Khan Resources has filed a claim in Mongolia's administrative court challenging the legality of the invalidation of its uranium mining licence by Mongolia's Nuclear Energy Agency (NEA).
The claim was filed by Toronto-based Khan's 58%-owned Mongolian joint venture subsidiary, Central Asian Uranium Company (CAUC). It asserts, among other things, that the NEA has no legal authority to make a decision to invalidate the mining licence and in so doing has violated Mongolian law. Khan Mongolia, Khan's 100%-owned Mongolian subsidiary, intends to file a similar claim in respect of NEA's purported invalidation of its exploration licence.
|Tranquil scenes at the Dornod site (Image: Khan)
The mining licence for the Dornod uranium deposit was the only uranium mining licence yet to be granted in Mongolia. A definitive feasibility study released by Khan in March 2009 showed that the project was sound, on the basis of 24,780 tU indicated resources (NI 43-101 compliant), including 20,340 tU probable reserves. Annual production of 1150 tU over 15 years was envisaged. However, since July 2009 Khan has faced sudden changes in Mongolian legislation, a new energy law requiring 51% Mongolian state ownership in any uranium mining operation, a Mongolian move to develop Dornod in a joint venture with Russia's AtomRedMetzoloto (ARMZ), a hostile buyout offer by ARMZ, and the retrospective "invalidation" of licences by the NEA.
Khan is also making efforts to engage with the Mongolian government directly concerning its treatment at the hands of the NEA. In a five-page letter to Mongolian prime minister Sukhbaatar Batbold, Khan president and CEO Martin Quick has formally protested about the NEA's actions and pleaded with the government to review and overturn the NEA's decision. "Our lawyers are preparing to bring legal action against the NEA to challenge the invalidation notices and other actions. We would prefer not to do so. Litigation will be costly and, we believe, embarrassing to the government of Mongolia," warns Quick, before outlining his case in detail. Khan has said it will pursue its rights through both the Canadian and Mongolian courts and through international arbitration, if necessary.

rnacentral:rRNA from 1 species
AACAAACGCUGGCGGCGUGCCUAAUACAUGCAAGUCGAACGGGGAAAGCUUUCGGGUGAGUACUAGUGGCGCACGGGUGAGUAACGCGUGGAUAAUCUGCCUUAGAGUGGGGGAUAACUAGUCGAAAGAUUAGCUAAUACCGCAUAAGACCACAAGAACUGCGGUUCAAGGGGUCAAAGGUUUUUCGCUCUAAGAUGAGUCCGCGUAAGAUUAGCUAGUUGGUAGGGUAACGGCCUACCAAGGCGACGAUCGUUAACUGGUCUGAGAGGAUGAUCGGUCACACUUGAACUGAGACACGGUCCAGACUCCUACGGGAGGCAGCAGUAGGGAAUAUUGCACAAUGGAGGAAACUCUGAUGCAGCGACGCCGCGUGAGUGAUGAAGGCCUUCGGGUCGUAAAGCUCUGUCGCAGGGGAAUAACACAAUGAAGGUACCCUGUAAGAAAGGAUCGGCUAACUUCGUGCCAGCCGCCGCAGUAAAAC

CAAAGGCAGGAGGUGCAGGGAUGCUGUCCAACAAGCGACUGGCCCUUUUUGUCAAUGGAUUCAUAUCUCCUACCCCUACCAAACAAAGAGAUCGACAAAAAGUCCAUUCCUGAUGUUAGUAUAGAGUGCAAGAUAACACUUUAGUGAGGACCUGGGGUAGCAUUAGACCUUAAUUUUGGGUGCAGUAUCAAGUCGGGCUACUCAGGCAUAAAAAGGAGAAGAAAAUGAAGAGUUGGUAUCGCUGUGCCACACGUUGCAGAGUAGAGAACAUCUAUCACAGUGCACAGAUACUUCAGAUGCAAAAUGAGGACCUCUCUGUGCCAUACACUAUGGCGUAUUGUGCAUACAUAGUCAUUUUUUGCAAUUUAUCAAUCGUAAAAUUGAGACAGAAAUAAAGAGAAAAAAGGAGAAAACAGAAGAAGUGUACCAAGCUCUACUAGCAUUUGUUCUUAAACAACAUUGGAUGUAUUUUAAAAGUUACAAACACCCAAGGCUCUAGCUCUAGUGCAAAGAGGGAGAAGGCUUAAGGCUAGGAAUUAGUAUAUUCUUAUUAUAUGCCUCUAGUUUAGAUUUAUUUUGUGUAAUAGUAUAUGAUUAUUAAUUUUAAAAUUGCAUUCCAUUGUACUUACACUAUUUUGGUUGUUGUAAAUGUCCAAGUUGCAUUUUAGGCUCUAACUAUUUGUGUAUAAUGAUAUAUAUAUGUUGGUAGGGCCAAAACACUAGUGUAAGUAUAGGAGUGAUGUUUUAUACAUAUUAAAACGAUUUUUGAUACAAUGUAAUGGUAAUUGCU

To date, Khan and its subsidiaries have made capital investments of over $20 million in Mongolia towards the development of Dornod, and the company's plans for operating the project would involve investment of over $300 million, as well as providing employment for hundreds of Mongolians and "significant" royalty, tax and other benefits to the Mongolian government, Quick points out. However, the latest action by the NEA, coming on top of the regulatory uncertainty of recent years, has prompted many Khan investors to sell their shares and driven the company's stock price down by about 45%. "Meanwhile, development of the Dornod uranium project continues to be delayed, not only to the detriment of Khan, but also to the detriment of Mongolia," says Quick.
Chinese offer still stands
Meanwhile, a friendly take-over bid for Khan by CNNC Overseas Uranium Holding Ltd, an indirect wholly owned subsidiary of China National Nuclear Corporation, is still open and has been extended to 25 May. Khan's directors are still recommending shareholders take up the offer, which Khan says is not likely to be adversely affected by the NEA invalidation notices and other recent events in Mongolia.
Researched and written
by World Nuclear News